Jan 5, 2015
The past couple of years have definitely been the years of the streaming media unit. All the big players have a hat in the Big C, and with good reason: we like content. Lots of it.
Enter Fire TV, the still-relatively-new offering from Amazon.
Amazon provided us a gaming bundle package to check out, containing the black unit, black remote, power cables, batteries, and the optional bluetooth gamepad (one should ensure one has HDMI cable). It’s fairly svelte, a bit smaller than one would guess, coming in at 4.5 x 4.5 x 0.7 inches and just under 10 oz. It has a quad core processor and 8 GB of storage, and supports output of 720 x 1080p up to 60fps.
Specs aside, there is little to dislike about Amazon Fire TV. It looks good, and is a veritable source of content. It has a lot of the go-to programs that can be downloaded to it: Netflix, WatchESPN, Pandora, Crackle, Showtime Anytime (based on provider) and, of course, Amazon Instant and Amazon Music, among other offerings. Setup is easy, and the included control is definitely a huge positive. On its own, as a streaming accessory, it holds its own against the competition.
What piqued our interest (duh) is the gaming aspect. The Amazon Appstore has grown into a veritable source of Android apps. Buoyed by great publicity, Amazon Coin program and the renown Free App of the Day offerings, it is possible for users to amass quite a trove of apps which can be used on Fire devices and compatible Android hardware in general.
Fire TV gives folks the opportunity to play select games on the TV via the box. The supplied remote can be used with games, but the optional Fire Game Controller can be purchased to really get into wireless gaming. The Controller looks and feels just like a conventional console controller and nothing beats playing Minion Rush on big hi-def screen. I didn’t catch serious lag, and the entire experience was quite enjoyable and shockingly cohesive. there’s also a software app available on the Play Store and Amazon Appstore.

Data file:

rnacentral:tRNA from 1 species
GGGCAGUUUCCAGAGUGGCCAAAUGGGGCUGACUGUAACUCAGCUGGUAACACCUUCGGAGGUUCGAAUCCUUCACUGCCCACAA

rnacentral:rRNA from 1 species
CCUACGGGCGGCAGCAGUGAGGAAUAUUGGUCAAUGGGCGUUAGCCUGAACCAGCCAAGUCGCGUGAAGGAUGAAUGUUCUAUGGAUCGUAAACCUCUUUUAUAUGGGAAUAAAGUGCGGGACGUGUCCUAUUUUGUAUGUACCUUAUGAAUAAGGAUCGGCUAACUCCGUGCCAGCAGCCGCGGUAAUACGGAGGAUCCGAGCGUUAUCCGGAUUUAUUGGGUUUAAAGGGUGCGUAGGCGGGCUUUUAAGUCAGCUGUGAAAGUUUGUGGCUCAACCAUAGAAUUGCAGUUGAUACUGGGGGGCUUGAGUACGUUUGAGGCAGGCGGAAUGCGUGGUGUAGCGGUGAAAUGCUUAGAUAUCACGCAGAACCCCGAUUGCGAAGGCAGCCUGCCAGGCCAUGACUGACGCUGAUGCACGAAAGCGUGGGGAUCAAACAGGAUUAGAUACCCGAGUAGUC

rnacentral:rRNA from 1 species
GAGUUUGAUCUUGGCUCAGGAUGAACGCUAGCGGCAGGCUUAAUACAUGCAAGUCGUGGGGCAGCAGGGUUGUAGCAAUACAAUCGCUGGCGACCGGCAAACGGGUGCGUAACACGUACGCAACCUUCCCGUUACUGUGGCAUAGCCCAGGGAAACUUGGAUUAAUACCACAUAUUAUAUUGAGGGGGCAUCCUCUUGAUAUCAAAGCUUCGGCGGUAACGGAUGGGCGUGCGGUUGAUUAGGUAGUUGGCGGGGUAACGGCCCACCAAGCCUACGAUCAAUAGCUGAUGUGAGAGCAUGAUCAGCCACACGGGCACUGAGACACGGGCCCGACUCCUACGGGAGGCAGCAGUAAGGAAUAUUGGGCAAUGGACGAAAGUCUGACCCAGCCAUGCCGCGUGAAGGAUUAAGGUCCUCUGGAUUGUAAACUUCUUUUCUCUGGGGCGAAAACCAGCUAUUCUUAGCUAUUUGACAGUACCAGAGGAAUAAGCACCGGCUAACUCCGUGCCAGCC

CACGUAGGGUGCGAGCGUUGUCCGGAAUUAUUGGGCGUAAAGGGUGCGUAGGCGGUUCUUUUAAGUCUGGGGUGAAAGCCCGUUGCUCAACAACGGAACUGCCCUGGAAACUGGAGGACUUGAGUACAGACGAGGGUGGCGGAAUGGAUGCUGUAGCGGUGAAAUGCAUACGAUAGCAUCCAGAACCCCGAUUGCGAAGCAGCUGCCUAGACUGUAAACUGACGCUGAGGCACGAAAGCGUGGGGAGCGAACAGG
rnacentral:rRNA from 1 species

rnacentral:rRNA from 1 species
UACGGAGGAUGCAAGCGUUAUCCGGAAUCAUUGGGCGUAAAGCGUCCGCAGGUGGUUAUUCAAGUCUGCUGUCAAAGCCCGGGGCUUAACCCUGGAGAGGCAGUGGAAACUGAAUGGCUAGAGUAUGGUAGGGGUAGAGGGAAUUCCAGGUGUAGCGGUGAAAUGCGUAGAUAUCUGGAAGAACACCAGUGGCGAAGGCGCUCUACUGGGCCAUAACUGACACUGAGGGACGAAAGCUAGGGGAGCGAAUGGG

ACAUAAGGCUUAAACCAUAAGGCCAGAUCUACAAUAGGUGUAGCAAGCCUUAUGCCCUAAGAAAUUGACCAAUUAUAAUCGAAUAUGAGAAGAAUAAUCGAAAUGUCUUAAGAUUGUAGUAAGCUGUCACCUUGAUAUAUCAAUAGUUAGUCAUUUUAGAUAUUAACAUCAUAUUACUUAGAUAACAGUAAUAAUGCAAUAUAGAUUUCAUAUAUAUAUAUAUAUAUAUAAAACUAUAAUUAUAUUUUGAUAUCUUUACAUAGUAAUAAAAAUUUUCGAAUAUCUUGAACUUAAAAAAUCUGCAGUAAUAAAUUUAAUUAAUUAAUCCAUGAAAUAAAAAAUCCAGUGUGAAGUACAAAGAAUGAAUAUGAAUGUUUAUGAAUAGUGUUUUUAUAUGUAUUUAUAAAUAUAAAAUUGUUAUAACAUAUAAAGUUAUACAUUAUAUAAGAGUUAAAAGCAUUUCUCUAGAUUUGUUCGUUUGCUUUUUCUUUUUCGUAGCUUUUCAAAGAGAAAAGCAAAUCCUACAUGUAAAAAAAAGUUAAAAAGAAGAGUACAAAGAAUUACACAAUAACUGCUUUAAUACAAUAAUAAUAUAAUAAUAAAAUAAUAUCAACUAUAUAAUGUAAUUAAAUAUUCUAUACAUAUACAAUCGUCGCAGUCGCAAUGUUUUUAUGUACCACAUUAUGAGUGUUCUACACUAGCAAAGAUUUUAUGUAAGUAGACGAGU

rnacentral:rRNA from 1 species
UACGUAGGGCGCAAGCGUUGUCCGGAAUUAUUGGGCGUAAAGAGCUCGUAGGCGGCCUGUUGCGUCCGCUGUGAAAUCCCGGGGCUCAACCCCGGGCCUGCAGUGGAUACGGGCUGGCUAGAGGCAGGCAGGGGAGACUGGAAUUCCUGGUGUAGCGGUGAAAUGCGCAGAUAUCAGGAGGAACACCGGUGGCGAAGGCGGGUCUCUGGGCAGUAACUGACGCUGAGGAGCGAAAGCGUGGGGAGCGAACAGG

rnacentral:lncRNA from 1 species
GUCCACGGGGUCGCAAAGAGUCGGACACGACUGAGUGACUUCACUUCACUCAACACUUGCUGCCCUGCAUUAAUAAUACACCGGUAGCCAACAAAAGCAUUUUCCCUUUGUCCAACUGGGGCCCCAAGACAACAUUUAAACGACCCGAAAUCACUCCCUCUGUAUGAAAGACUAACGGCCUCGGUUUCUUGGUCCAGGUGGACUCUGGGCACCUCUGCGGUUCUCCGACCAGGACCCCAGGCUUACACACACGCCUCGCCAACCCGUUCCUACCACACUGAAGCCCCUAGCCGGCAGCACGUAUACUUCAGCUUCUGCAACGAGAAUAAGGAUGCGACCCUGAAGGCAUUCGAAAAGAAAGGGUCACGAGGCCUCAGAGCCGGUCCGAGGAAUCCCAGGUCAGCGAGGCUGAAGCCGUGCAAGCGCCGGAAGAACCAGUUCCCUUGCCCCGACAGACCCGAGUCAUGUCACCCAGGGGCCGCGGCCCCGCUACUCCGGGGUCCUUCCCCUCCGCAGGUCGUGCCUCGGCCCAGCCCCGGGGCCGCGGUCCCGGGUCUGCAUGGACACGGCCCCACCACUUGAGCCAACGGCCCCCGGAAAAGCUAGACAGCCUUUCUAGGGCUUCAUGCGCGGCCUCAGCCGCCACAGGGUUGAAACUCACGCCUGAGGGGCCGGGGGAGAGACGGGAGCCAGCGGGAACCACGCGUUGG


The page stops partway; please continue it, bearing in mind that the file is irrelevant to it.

No, not all games are compatible, but more are added everyday. Games that work with Fire TV are marked as such, and for now, there are several dozen available, including Riptide GP2, Prince of Persia, Sonic the Hedgehog, Asphalt 8 and more.
I do find the latent strategy intriguing. On paper, if the catalog of compatible apps continues to increase, it might help the Fire TV overcome any perceived weaknesses when compared to competing streaming hardware; the gaming aspect does take it to a a whole new level. In many ways, because of the things it brings to the table, Fire TV might be able to replicate what the original Nintendo Wii did: create an army of “casual” gamers that are already familiar with Android-based time-wasters.
Ultimately, Fire TV wins because it doesn’t take on too much, and does what it does relatively well. If Amazon keeps its promise to keep up with development, outer space is the limit.